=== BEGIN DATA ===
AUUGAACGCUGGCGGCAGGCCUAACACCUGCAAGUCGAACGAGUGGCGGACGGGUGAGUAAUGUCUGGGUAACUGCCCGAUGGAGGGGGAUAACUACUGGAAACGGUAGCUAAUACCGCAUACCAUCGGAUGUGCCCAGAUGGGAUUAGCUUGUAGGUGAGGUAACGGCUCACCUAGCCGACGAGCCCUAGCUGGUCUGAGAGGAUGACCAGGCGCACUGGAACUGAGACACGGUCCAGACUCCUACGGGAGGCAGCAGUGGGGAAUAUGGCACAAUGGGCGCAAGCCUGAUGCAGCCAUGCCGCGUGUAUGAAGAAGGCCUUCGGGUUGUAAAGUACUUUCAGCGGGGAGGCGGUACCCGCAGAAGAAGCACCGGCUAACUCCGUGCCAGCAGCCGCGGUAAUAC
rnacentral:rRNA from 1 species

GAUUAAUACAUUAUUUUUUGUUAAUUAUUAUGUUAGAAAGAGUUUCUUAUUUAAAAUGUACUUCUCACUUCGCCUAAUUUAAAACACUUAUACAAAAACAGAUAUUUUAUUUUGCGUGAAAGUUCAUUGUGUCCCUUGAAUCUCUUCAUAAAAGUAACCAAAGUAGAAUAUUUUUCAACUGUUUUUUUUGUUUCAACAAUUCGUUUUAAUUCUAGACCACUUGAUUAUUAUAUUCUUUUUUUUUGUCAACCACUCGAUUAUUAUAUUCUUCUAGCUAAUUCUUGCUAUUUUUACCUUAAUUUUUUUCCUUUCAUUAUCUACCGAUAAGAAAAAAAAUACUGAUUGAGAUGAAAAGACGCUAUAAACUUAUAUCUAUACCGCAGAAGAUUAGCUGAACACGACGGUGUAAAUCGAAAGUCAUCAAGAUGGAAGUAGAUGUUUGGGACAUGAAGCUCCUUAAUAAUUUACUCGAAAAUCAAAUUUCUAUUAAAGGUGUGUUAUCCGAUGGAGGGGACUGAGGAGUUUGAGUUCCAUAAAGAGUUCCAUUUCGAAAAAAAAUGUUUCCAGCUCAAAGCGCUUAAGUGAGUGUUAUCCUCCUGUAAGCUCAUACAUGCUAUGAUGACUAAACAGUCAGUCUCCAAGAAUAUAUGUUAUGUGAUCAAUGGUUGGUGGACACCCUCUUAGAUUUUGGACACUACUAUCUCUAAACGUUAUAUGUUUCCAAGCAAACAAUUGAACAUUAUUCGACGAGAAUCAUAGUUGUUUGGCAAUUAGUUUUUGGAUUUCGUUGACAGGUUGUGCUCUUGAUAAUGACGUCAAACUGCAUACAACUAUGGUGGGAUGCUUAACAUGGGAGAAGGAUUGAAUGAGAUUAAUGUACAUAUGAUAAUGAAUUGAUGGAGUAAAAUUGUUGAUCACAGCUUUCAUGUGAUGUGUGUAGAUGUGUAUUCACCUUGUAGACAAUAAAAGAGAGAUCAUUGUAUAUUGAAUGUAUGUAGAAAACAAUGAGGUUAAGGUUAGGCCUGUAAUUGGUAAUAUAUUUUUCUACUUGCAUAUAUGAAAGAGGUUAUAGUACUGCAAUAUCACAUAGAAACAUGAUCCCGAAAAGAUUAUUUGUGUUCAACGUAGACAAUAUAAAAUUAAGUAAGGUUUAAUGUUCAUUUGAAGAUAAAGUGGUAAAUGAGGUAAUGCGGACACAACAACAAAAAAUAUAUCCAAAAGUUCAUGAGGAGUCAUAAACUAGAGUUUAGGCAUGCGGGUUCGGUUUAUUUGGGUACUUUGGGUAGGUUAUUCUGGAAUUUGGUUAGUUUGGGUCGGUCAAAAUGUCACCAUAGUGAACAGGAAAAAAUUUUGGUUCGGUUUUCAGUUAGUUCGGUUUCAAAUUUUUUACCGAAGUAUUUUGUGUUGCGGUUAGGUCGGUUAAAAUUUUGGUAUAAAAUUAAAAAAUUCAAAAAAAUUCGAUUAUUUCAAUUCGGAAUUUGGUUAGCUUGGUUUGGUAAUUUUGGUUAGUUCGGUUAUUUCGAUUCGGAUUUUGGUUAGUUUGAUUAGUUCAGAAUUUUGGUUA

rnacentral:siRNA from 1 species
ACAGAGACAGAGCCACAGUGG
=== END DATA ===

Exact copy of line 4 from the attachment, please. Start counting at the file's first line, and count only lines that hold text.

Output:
rnacentral:siRNA from 1 species